Chick flick

A chicken wrap, chik stick and snow chips are among the menu items at the rebranded Bab x Chicken.

A chicken wrap, chik stick and snow chips are among the menu items at the rebranded Bab x Chicken.


Bab x Chicken is open from noon until 8 p.m. Learn more at

Bab Cafe opened in downtown Reno almost three years ago, with Korean rice bowls and other tasty tidbits. Its sister location at the south-end Summit Mall was recently rebranded as Bab x Chicken, replacing the bowls with “reinvented Korean street food,” bento boxes and Korean fried chicken. I couldn’t wait to try it.

In Korea, deep-fried poultry is referred to as “chikin” or “KFC,” a.k.a. Korean Fried Chicken. Dredged in a blend of wheat flour, corn starch and familiar Western-style seasonings, the boneless morsels are double-fried in soy oil to ensure a crispy, sauced exterior. Bab x Chicken serves it up in combo meals, wraps, salads and various à la carte servings with a choice of three sauces. Additional dipping sauces are available.

I chose three half-pound servings each of white meat, dark meat and wings ($7.95 each). For the breast meat, I went with garlic butter—a simple mix of butter, salt, sugar and garlic. Though definitely crispy, the meat bites were a bit inconsistent between being moist or dry. The sauce was garlicky and very buttery, almost to the point I felt I was downing a stick of the stuff. Perhaps not my favorite.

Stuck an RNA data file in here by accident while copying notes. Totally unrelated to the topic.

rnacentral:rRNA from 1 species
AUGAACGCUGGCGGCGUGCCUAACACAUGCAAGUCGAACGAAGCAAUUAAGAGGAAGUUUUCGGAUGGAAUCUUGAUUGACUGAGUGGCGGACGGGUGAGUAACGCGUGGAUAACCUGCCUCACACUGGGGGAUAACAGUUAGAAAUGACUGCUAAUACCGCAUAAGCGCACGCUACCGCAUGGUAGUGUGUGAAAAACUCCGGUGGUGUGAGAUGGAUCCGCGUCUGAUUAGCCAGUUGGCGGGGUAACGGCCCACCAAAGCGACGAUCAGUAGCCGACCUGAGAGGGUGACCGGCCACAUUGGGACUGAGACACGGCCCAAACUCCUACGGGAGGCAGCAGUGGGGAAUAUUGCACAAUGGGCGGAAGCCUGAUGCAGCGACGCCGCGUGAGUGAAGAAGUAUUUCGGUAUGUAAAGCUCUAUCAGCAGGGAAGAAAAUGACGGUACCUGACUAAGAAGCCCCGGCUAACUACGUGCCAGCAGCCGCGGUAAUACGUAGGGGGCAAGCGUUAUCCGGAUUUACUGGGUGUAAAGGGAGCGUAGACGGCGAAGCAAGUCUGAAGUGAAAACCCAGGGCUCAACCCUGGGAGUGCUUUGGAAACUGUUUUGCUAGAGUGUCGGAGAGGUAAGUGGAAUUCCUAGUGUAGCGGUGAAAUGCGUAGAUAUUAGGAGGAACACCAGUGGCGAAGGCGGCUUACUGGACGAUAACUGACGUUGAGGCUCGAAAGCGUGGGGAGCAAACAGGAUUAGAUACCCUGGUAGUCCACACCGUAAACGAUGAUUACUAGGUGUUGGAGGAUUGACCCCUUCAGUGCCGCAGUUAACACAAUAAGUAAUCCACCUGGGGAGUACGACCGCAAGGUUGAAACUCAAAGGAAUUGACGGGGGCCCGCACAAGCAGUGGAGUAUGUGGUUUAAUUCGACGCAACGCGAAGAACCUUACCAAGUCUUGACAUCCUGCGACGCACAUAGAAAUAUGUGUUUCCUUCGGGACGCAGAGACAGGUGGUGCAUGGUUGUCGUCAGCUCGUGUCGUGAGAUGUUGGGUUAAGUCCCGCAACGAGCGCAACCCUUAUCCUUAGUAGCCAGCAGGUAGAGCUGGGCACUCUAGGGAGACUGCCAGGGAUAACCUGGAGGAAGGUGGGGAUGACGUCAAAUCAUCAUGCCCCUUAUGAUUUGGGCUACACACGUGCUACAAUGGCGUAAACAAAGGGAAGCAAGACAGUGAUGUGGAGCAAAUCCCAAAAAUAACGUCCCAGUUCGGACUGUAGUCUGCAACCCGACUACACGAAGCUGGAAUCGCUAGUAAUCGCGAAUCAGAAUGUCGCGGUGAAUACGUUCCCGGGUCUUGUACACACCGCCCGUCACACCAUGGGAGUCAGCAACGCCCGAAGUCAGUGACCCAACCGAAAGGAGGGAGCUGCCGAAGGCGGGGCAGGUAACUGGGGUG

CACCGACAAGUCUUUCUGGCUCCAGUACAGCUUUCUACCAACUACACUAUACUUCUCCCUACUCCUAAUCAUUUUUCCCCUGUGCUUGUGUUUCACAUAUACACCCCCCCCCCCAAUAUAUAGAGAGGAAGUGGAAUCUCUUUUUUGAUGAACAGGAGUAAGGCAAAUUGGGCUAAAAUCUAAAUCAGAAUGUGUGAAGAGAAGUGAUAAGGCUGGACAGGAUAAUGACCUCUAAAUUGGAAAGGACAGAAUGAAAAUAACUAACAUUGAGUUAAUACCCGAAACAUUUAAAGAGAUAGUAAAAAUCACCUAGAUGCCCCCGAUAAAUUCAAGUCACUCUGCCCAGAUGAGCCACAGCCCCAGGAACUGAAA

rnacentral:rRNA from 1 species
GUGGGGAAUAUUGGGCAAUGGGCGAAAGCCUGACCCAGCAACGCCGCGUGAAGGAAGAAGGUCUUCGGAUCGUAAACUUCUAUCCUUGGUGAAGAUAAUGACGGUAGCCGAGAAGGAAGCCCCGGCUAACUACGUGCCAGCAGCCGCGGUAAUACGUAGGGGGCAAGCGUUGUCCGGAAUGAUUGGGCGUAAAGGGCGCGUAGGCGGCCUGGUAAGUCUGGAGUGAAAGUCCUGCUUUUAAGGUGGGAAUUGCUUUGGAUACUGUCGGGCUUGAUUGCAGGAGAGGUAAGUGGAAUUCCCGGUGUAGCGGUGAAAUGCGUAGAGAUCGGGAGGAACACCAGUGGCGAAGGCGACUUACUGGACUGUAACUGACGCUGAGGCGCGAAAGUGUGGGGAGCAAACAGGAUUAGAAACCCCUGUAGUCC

A half pound of dark meat was doused in Bab Soy—a mix of sugar, Thai chile, onion and garlic powders, soy sauce, simple syrup, carrot, bouillon, salt, apple paste, rice starch, black pepper, lemon juice, plumb paste and tomato paste. To its nature, the dark meat retained more moisture, the coating holding up well against the savory, sweet, slightly spicy goo. Good stuff.

Out of curiosity, I ordered a half-pound of gluten-free wings, made with a mix of rice and corn flour subbing for wheat. The very sweet, medium spicy sauce consisted of sugar, red chile flake, ketchup, garlic powder, chile paste, salt, corn syrup and capsaicin extract. Though the crust was crisp at the outset, it didn't take long for the rubbery skin's moisture and heavy sauce to render each bite a mushy disappointment.

A chik stick ($3.95) was six inches of ground chicken mixed with carrot, onion, seasonings and mozzarella cheese on a stick—drizzled with chile sauce and garlic mayo. Nothing fancy, but it was completely enjoyable. The texture was a bit like Thai satay, but with a melty cheese interior and a bit of heat. I'd happily grab a couple of these for lunch, as a snack or at a ballpark.

An oden cup ($1.95) was fish meatballs and fish cake in a broth of fish stock, soy sauce and scallion. I really enjoyed this soup. It was all about the umami broth. Sides of pickled daikon radish and kimchi coleslaw were also enjoyed ($1.95 each). The mild, diced radish was very crunchy, tart and sweet. The slaw's mix of white cabbage, Napa cabbage, carrot, onion, fish stock, mayonnaise, vinegar, mustard, salt, sugar, black pepper, red chile flake, garlic, shrimp stock, ginger, onion and radish was a little on the soupy side, but it had remarkable flavor. It was easily one of the most complex and enjoyable cabbage salads I've experienced.

Finally, the snow chips ($1.95) were thin-sliced, deep-fried bits of sweet potato dusted in a mix of salt and sugar. These crispy little bits were cracktacular. They're more dessert than a side item. If you're catching a flick at the movie theater next-door, I'd recommend smuggling a bunch of these in for your cinematic snacking. You'll want more than one carton.